High-velocity resistance training increases skeletal muscle peak power in older women

Roger A. Fielding, Nathan K. LeBrasseur, Anthony Cuoco, Jonathan Bean, Kelly Mizer, Maria A. Fiatarone Singh

Research output: Contribution to journalArticlepeer-review

300 Scopus citations


OBJECTIVES: Peak power declines more precipitously than strength with advancing age and is a reliable measure of impairment and a strong predictor of functional performance. We tested the hypothesis that a high-velocity resistance-training program (HI) would increase muscle power more than a traditional low-velocity resistance-training program (LO). DESIGN: Randomized controlled trial. SETTING: University-based human physiology laboratory. PARTICIPANTS: Thirty women with self-reported disability (aged 73 ± 1, body mass index 30.1 ± 1.1 kg/m2). INTERVENTION: We conducted a randomized trial comparing changes in skeletal muscle power and strength after 16 weeks of HI or LO. Training was performed three times per week, and subjects completed three sets (8-10 repetitions) of leg press (LP) and knee extension (KE) exercises at 70% of the one-repetition maximum (1RM). MEASUREMENTS: One-repetition maximum (1RM) and peak power for KE and LP. RESULTS: LP and KE relative training force and total work were similar between groups (P > .05). However, HI generated significantly higher power during training sessions than LO for LP (3.7-fold greater, P < .001) and KE (2.1-fold greater, P < .001). Although LP and KE 1RM muscle strength increased similarly in both groups as a result of the training (P < .001), LP peak power increased significantly more in HI than in LO (267 W vs 139 W, P < .001). Furthermore, HI resulted in a significantly greater improvement in LP power at 40%, 50%, 60%, 70%, 80%, and 90% of the 1RM than did LO (P < .05). CONCLUSIONS: HI improved 1RM strength similarly and was more effective in improving peak power than was traditional LO in older women. Improvements in lower extremity peak power may exert a greater influence on age-associated reductions in physical functioning than other exercise interventions.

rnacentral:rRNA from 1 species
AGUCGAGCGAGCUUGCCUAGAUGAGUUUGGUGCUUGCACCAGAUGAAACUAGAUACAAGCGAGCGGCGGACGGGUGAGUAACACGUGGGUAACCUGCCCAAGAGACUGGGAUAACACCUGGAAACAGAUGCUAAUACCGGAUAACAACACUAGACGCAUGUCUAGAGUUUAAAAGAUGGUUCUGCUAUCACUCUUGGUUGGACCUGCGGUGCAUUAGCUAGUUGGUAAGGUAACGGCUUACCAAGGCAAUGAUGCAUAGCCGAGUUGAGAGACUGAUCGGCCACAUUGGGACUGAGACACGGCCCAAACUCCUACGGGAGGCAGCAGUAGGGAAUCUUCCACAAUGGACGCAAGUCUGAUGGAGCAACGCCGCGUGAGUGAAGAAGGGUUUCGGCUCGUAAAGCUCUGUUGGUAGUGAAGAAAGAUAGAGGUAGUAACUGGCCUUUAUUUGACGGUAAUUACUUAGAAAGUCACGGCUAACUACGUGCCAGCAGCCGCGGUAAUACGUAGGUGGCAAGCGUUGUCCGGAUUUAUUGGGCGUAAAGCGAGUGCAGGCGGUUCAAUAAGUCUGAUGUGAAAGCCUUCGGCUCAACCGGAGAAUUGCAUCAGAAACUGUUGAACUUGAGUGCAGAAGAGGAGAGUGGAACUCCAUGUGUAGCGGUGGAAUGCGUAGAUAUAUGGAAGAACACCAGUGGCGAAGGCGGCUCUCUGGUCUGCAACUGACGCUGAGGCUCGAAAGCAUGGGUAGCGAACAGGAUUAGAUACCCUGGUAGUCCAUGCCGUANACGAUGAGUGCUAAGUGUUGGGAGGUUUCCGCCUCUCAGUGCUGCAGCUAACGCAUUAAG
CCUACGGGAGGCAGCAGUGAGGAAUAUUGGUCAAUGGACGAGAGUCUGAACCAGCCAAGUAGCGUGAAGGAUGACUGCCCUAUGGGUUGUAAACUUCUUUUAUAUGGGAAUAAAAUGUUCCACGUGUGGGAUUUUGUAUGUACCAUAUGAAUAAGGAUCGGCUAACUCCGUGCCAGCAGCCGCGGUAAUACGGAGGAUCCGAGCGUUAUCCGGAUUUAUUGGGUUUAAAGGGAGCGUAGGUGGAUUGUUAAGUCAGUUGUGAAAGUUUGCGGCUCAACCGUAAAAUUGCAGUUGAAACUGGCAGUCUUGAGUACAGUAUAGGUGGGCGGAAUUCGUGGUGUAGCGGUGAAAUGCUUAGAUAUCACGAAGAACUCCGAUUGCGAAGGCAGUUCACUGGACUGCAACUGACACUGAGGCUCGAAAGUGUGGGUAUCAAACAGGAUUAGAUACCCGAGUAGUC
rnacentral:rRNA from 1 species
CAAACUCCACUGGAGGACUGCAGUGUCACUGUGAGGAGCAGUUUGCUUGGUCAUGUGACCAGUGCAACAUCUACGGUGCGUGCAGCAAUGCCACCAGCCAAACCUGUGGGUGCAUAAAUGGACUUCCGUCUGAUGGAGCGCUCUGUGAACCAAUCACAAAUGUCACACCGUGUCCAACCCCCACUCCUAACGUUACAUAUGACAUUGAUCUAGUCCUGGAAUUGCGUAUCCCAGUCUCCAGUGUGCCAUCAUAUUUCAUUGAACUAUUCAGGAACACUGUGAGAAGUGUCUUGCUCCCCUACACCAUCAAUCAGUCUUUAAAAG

Original languageEnglish (US)
Pages (from-to)655-662
Number of pages8
JournalJournal of the American Geriatrics Society
Issue number4
StatePublished - 2002


  • Aging
  • Exercise
  • Power training

ASJC Scopus subject areas

  • Geriatrics and Gerontology


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